Deep reds, blues and whites flooded Facebook over the weekend as users changed their profile pictures to French national flag colors in support of Paris after a terror attack that left hundreds wounded or dead. The gesture was presumably well-intentioned, and many clicked mindlessly without considering whether the move really offered any tangible support for France.
Research, however, shows social media trends like embracing Facebook's French flag profile picture can have damaging effects on giving. In a phenomenon researchers have dubbed "slacktivism," a study from the University of British Columbia revealed that posting support online enables people to associate with causes but makes them less likely to commit any resources to them.
“Charities incorrectly assume that connecting with people through social media always leads to more meaningful support," said graduate student Kirk Kristofferson, who co-authored the study. "Our research shows that if people are able to declare support for a charity publicly in social media, it can actually make them less likely to donate to the cause later on.”
In the 2013 study, participants were invited to either join a Facebook group, sign a petition or accept a pin or magnet. Participants were then asked to donate money or volunteer. Researchers found that the more public their endorsement of the cause was, the less inclined they were to contribute any "meaningful support." Those who offered support in a more private manner, such as participants who signed the petition, were more likely to donate and volunteer.
“If charities run public token campaigns under the belief that they lead to meaningful support, they may be sacrificing their precious resources in vain,” Kristofferson said. “If the goal is to generate real support, public-facing social media campaigns may be a mistake.”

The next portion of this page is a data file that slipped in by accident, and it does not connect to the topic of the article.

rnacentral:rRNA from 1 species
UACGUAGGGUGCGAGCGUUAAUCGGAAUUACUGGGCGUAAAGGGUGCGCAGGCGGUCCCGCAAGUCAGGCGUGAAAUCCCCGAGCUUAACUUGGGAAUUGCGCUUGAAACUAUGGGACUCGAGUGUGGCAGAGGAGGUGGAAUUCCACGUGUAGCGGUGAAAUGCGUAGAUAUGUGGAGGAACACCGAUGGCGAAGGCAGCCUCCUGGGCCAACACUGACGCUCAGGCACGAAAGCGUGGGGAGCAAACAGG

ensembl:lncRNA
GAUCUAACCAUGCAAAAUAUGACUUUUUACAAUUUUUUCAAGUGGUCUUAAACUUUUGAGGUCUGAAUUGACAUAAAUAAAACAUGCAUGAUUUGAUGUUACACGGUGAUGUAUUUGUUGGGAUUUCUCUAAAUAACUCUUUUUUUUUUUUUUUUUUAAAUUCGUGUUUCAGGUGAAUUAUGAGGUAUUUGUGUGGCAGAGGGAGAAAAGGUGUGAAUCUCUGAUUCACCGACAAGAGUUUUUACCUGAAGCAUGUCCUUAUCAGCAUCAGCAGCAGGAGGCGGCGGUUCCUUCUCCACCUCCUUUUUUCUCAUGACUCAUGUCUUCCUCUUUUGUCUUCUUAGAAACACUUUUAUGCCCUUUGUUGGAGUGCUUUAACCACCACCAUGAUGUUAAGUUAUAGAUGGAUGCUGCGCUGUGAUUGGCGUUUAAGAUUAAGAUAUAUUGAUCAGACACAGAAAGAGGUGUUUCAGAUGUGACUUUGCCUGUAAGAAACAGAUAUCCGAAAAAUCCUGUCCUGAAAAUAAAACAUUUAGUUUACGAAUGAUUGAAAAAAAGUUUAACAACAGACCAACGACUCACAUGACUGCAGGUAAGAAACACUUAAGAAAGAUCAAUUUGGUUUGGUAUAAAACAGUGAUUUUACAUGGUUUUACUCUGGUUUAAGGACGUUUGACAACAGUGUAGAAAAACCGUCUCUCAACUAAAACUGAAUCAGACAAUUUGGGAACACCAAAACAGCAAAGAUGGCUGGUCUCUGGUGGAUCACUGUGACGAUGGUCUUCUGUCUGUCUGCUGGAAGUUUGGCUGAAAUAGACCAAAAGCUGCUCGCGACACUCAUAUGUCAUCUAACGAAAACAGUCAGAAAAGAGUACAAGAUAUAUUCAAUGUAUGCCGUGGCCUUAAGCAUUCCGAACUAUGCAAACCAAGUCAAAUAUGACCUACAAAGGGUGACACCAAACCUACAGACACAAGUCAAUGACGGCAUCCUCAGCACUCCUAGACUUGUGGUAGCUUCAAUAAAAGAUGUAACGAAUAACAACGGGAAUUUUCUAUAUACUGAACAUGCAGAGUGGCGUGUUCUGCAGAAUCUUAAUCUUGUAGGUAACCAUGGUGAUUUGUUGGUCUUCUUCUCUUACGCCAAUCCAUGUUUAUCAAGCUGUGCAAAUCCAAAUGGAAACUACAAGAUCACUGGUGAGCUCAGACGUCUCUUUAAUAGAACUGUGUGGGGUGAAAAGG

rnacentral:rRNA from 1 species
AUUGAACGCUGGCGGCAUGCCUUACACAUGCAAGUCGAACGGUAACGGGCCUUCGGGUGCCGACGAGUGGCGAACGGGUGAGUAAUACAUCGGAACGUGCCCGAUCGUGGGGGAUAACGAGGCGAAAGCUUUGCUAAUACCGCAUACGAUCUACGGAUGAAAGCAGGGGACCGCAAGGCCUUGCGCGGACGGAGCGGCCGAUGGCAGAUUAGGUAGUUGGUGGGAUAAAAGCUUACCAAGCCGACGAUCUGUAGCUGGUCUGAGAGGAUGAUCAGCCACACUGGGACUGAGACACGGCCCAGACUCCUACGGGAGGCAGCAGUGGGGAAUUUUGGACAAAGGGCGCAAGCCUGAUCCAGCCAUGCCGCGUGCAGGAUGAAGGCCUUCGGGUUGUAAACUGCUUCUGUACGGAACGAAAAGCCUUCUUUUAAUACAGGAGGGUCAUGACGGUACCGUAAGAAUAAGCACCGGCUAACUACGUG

Putting a filter on your Facebook profile picture doesn't help anyone in Paris.
— KB (@KaraRBrown) November 15, 2015
Facebook makes pledging support simple with just one click. The last time the tool was made available for a cause, one million people changed their profile pictures in the first few hours. The feature was invoked to celebrate the United States Supreme Court's decision to legalize gay marriage, but despite its popularity, not everyone was keen with Facebook being awash in rainbow for gay pride.
Writer Peter Moskowitz argued in the Washington Post that the fight for equality was far from over, and the focus still needed to be on the crises of homelessness, harassment and suicide suffered by LGBT people. "Covering your profile picture in rainbow colors doesn’t change any of those truths," he wrote.
— Caroline J. Mailloux (@theCJMview) November 15, 2015
Arguments in the same vein surfaced on Twitter after Facebook activated its French flag filter. "Change your profile picture to support France and the people of Paris," Facebook said.
"This is bigger than Paris," wrote one Twitter user. "The world needs more than our French-flagged profile pictures."